FUN TIMES AT THE PRINCE GEORGE CITIZEN

I wish I could say it was a surprise. But the disheartening news that the Prince George Citizen was halting more than 60 years of daily publication to become a free, weekly giveaway was hardly a bolt from the blue. It’s yet another telling sign of the media’s frightening decline that a city the size of Prince George can no longer support a paid, daily newspaper. As advertisers shift online and the patience to read a newspaper seems increasingly rare in this age of short attention spans and partisan social media, there are undoubtedly more disappearances and downgrades to come. And my newspaper heart takes a hit every time.

Yet there was more to my general mourning than that. The Citizen was also the paper where I first cut my teeth as a young news reporter. Though I was there for only three months, before being lured away by the mighty Vernon News, they proved pivotal in “my brilliant career”. Cut free from my initial sinecure of writing about sports, I showed that I could function as a news reporter, too. Luckily, the Citizen was a good paper, part of the long-lamented Southam newspaper chain, which believed in quality over maximizing profits. How quaint.

The smallish daily had a solid newsroom. In addition to a handful of reporters, there was a photographer or two, sports editor, wire and front page editor, city editor, Home and Family editor (the wonderful Bev Christensen), editor Tony Skae, and publisher Lou Griffith, who showed up occasionally to glower at all us young people who somehow managed to find employment at his newspaper.

(Yep, that’s me!)

It was fun. With three pulp mills, several sawmill, plus other offshoot industries, Prince George was bustling. In the humming downtown, a young guy could dine on a beef dip or a hot turkey sandwich at the busy lunch counter of the Hudson Bay department store, or choose a steak at Mr. Jake’s for $1.49. On Friday nights, the place to be was the cavernous watering hole of the Inn of the North, reputed to be the largest pub in British Columbia. It was always packed. One night a guy rode around on a bicycle. Few bothered to give him a second glance.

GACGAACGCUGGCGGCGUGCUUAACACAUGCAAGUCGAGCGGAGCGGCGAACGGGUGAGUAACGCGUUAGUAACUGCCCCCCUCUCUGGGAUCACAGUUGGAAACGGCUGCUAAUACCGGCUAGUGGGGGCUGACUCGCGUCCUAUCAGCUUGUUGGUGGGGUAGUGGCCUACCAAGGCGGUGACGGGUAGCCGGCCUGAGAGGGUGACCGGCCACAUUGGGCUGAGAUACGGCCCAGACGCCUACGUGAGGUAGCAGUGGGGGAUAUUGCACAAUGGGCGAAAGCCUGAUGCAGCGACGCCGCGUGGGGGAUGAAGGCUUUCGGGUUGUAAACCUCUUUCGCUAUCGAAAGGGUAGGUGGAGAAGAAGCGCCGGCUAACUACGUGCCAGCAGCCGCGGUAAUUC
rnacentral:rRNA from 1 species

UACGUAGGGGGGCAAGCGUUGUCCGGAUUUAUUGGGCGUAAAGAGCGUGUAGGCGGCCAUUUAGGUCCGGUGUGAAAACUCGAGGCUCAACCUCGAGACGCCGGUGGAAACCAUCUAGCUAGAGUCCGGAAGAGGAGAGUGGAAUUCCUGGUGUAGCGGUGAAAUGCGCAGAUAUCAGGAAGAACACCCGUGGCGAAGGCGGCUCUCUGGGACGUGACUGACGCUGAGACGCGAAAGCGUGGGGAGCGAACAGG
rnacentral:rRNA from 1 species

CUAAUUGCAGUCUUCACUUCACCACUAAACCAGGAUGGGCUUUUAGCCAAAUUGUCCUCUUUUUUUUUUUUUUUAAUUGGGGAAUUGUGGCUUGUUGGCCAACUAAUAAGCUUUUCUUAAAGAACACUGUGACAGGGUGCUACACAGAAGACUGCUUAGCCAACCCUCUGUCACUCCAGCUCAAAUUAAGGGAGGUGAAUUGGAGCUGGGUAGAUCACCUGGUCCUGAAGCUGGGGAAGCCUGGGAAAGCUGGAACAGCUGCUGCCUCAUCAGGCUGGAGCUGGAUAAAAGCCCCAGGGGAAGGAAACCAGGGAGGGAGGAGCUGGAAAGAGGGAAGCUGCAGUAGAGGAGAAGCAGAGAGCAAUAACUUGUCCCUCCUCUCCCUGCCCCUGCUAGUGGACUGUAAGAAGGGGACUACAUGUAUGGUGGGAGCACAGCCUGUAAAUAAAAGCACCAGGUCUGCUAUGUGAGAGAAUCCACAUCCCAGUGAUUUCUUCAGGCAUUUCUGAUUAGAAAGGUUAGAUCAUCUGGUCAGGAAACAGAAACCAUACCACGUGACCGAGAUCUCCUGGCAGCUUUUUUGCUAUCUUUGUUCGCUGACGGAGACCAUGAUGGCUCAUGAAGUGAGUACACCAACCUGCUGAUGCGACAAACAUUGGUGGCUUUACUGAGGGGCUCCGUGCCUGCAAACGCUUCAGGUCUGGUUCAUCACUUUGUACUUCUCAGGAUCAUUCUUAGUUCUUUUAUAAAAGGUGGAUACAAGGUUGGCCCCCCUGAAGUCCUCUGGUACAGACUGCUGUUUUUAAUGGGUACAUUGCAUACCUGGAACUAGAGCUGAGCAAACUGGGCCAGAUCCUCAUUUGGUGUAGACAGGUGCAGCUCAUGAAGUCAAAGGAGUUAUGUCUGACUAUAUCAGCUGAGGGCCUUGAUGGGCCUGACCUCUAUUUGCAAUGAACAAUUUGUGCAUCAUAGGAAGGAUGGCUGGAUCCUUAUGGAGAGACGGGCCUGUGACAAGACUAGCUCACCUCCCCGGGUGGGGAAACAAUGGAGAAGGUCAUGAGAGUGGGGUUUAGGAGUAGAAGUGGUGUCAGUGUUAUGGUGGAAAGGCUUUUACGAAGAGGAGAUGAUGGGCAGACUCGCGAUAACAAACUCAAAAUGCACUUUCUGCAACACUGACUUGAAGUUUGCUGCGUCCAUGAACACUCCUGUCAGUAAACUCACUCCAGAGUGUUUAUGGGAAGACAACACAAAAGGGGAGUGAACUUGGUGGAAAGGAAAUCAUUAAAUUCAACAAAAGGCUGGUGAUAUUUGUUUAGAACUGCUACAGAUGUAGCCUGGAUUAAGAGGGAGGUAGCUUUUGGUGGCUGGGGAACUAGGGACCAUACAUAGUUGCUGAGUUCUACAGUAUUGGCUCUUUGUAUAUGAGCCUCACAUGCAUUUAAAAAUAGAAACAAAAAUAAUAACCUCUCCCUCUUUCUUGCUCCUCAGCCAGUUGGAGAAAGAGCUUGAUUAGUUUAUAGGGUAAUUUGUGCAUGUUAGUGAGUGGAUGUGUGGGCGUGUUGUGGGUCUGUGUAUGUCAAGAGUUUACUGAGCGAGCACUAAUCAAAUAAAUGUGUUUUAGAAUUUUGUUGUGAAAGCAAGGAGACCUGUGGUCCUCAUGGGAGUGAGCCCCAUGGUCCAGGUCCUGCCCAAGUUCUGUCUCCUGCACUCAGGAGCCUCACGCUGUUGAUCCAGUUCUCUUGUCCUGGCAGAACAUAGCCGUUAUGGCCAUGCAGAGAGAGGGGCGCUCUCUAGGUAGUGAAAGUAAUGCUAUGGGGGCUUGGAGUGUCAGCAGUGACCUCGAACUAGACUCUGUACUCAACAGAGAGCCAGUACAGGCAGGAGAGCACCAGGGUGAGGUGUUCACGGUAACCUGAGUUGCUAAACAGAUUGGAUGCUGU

And there was all this newspaper lore, the kind you get from a combination of young reporters and a community 500 miles north of Vancouver that still had a lot of frontier about it. At one point, the Citizen seemed to be a farm team for the big league Vancouver Sun. Scott Honeyman, Marian Bruce and Larry Emrick were among those who went directly there from the Citizen. When I eventually joined the Sun, I kept hearing about all the wild parties they had, topped by Emrick riding his motorcycle up the steps, through the house, and out the back door. Why not? The theme of the beer fest was Easy Rider.

On “funny hat” days at the Citizen, reporters wore outlandish headgear as they went about their duties. One day the humourless publisher came in and saw several reporters with army helmets on their heads. Outraged at this affront to “his” serious newspaper, he stormed into the office of editor Harry Boyle to complain. There was Boyle typing away, wearing Mickey Mouse ears.

Boyle was a legendary character who had come to the Citizen from the Whitehorse Star. He was forever doing chin ups on the door jam of his office, his feet swinging out towards the newsroom. Sadly he left the Citizen before I arrived, to make a lot more money as a lawyer. He eventually wound up on the BC Supreme Court, where some of his judgments remain renowned for their wit and empathy for the hard up. He is still with us, at 93. (https://vancouversun.com/opinion/columnists/ian-mulgrew-former-judges-lively-letters-evidence-he-wouldnt-let-the-bastards-grind-you-down)

In the late 1960’s, before I arrived, Prince George had two papers: the daily Citizen and a weekly publication called the Progress, owned by the city’s wealthy, off-the-wall industrialist and brewery mogul, Ben Ginter. But in a city like Prince George, those on both papers were friendly, despite the competition. Over lunch, grousing at having to cover a routine plaque unveiling by Mayor Garvin Dezell, photog Dave Looy of the Citizen and Pete Duffy from the Progress concocted a prank to produce a better picture. When Dezell pulled the string, , what should he see but a Playboy centerfold affixed to the plaque. Duffy was quickly identified as the culprit. The photo of Dezell gaping in astonishment went around the world, including Manchester, where Duffy, quickly identified as the culprit, was from. His mother let him know she was not amused. Nor was the mayor. Duffy was fired, only to be hired immediately by the ever-impish Harry Boyle, perhaps to atone for succumbing to Dezell’s outrage by not running the photo in the Citizen.